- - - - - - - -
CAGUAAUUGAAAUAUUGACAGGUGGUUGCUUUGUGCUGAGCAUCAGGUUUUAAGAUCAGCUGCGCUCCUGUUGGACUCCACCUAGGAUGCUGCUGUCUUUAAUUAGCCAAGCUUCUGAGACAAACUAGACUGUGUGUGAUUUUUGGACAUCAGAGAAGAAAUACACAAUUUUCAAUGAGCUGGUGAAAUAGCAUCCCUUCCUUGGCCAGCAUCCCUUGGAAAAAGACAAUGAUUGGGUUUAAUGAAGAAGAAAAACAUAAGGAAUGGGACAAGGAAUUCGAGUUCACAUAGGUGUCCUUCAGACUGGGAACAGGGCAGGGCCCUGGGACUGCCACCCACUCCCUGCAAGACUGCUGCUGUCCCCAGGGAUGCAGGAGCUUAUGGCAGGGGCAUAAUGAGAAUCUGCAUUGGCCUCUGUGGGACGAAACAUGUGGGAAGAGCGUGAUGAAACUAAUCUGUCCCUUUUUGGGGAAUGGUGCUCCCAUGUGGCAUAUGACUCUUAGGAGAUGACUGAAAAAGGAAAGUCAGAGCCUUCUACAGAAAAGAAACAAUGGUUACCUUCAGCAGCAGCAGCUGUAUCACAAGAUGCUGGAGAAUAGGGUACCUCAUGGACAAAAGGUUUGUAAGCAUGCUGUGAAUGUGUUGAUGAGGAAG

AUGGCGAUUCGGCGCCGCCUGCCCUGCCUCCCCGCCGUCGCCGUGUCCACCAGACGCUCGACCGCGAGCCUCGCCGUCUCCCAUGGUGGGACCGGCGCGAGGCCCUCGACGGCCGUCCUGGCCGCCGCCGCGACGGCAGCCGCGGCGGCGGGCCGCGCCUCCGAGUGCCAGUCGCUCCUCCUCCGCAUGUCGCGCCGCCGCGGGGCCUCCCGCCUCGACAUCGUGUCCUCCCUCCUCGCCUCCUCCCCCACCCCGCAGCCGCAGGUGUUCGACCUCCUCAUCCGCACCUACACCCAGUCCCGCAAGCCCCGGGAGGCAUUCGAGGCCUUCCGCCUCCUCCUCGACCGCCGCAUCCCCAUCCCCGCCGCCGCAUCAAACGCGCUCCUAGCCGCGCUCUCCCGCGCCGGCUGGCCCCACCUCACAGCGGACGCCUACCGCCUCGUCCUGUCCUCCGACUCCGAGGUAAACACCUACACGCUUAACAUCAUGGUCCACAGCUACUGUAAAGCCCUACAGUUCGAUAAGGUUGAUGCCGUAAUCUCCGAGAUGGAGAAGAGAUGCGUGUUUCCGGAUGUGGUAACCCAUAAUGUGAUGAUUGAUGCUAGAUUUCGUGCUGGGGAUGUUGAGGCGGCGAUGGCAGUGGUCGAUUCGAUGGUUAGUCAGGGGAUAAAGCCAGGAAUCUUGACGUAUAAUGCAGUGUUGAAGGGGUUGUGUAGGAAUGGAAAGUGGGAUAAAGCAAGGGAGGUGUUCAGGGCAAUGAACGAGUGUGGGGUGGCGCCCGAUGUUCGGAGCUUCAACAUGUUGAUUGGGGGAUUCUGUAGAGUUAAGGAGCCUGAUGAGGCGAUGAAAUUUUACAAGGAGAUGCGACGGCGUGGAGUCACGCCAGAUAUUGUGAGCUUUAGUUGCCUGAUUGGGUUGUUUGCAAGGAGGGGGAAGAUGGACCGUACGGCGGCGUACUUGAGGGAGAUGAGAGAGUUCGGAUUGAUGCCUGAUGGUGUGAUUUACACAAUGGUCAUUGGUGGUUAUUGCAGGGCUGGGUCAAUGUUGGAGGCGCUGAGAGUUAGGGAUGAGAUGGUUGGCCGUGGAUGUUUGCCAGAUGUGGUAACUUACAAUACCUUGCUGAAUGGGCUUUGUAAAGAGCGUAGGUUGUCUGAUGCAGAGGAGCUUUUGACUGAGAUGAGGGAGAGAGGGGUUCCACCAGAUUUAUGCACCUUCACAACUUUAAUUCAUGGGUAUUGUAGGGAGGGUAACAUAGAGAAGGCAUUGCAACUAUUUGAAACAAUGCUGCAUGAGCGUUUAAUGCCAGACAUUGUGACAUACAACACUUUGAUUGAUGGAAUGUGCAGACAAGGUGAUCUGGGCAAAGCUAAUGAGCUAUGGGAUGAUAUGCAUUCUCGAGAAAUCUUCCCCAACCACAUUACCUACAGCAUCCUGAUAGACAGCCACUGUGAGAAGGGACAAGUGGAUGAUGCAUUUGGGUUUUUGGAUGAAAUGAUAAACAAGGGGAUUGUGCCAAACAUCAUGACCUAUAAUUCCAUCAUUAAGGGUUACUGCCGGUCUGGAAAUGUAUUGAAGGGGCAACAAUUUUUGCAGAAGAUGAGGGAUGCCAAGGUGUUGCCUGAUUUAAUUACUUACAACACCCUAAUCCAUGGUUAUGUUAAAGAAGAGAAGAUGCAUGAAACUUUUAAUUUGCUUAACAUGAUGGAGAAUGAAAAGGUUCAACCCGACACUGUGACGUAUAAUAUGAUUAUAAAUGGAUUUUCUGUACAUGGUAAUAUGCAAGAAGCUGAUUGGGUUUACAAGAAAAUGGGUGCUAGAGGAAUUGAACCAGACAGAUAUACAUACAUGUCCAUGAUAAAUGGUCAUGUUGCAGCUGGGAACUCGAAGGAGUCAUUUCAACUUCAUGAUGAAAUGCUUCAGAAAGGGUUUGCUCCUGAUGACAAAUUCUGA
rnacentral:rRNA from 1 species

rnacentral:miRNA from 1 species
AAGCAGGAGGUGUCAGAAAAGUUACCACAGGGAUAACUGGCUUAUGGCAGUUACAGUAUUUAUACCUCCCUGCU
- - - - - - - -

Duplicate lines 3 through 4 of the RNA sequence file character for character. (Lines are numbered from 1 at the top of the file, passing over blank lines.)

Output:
rnacentral:rRNA from 1 species

rnacentral:miRNA from 1 species